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Inside Gaza’s Nasser Hospital, healthcare workers suffer trauma, burnout, and loss

‘We don’t have the luxury of pausing to grieve.’

We see two ambulances outside of a hospital. Mohamed Solaimane/TNH
Ambulances delivering victims to the emergency room at Nasser Medical Center in the city of Khan Younis in the southern Gaza Strip. A third of the hospitals in the enclave have been forced to shut down by Israeli airstrikes and fuel shortages.

After 26 days of intense Israeli shelling and bombing, healthcare workers in the Gaza Strip are feeling the enormous strain of attending to a constant stream of wounded and dead, with insufficient medical supplies and an electricity supply dependent on back-up generators running low on fuel. Many of the victims they see are children, sometimes their own. 

Mohamed Abu Mousa, a radiologist, has only left work at the Nasser Medical Centre in the southern Gazan city of Khan Younis for a couple of hours since Israel began bombing the enclave on 7 October. One of his few trips outside the hospital was to bury his son, Youssef. 

The seven-year-old was killed – along with one of Abu Mousa’s nephews – when the family’s home was reduced to rubble by an Israeli airstrike on 15 October. After laying his son to rest, he immediately returned to the radiology clinic to continue working.

“We don’t have the luxury of pausing to grieve,” Abu Mousa, composed yet exhausted, told The New Humanitarian. “The heartache is immense, but the wounded are endless. We have to keep going.”

Abu Mousa’s son is one of at least 3,648 children killed in Gaza since 7 October, according to the Health Ministry in the enclave, which is governed by the political and militant group Hamas. That number surpasses the annual total of children killed in all of the world’s conflict zones during any of the past three years, according to Save the Children.

A further 1,000 children are reported missing in Gaza and are thought to be buried under rubble, meaning the actual death toll is likely significantly higher, the NGO said.

Overall, more than 8,796 people have been killed and more than 22,200 wounded since 7 October, according to the Gaza Health Ministry, and an estimated 1.4 million people, out of a population of around 2.3 million in the enclave, have been displaced from their homes, according to the UN.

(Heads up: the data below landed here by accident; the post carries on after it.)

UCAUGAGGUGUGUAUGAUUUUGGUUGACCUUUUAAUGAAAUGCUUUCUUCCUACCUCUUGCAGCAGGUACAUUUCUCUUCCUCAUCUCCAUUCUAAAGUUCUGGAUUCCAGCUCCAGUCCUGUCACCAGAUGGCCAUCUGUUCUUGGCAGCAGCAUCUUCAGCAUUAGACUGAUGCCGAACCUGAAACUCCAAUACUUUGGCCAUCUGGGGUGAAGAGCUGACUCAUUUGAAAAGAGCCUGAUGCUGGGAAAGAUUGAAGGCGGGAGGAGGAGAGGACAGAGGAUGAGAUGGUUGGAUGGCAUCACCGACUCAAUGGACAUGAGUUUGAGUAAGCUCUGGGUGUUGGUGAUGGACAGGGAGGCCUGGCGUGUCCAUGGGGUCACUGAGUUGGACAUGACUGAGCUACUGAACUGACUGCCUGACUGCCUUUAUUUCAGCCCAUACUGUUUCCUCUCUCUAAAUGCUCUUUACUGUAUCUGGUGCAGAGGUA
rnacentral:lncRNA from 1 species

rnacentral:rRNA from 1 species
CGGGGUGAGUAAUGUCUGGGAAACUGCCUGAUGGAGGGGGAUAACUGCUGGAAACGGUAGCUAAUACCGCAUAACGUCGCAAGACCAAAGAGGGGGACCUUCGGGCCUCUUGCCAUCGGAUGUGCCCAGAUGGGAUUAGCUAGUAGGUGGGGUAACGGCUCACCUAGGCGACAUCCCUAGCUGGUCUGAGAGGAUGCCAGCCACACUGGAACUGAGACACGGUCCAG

The Israeli military has been bombarding Gaza since Hamas launched a deadly incursion into Israel on 7 October, killing around 1,400 people – many of them civilians – and wounding close to 4,500 others, according to the Israeli Health Ministry. Hamas also took around 200 hostages back to Gaza, many of them civilians from around 25 different nationalities.

On 27 October, Israel began a land invasion of the enclave, and it has imposed a total siege on the territory since 9 October, cutting off water and electricity, blocking the entry of food, fuel, medical supplies, and other essentials, except for a small trickle of humanitarian aid that has been allowed to enter through the Rafah border crossing with Egypt. 

Healthcare workers in the besieged territory have been working around the clock even as Israel has repeatedly ordered administrators to evacuate hospitals – something the World Health Organization (WHO) has called a “death sentence” for the sick and injured.

Sixteen of the enclave’s 35 hospitals have been forced to shut down due to damage or lack of fuel, and at least 130 healthcare workers have been killed, according to the Gaza Health Ministry.

Hospitals that remain functional are only operating at one third of their normal staffing levels due to the high number of medical workers who have been displaced and killed, according to a situation report from the UN’s emergency aid coordination body, OCHA.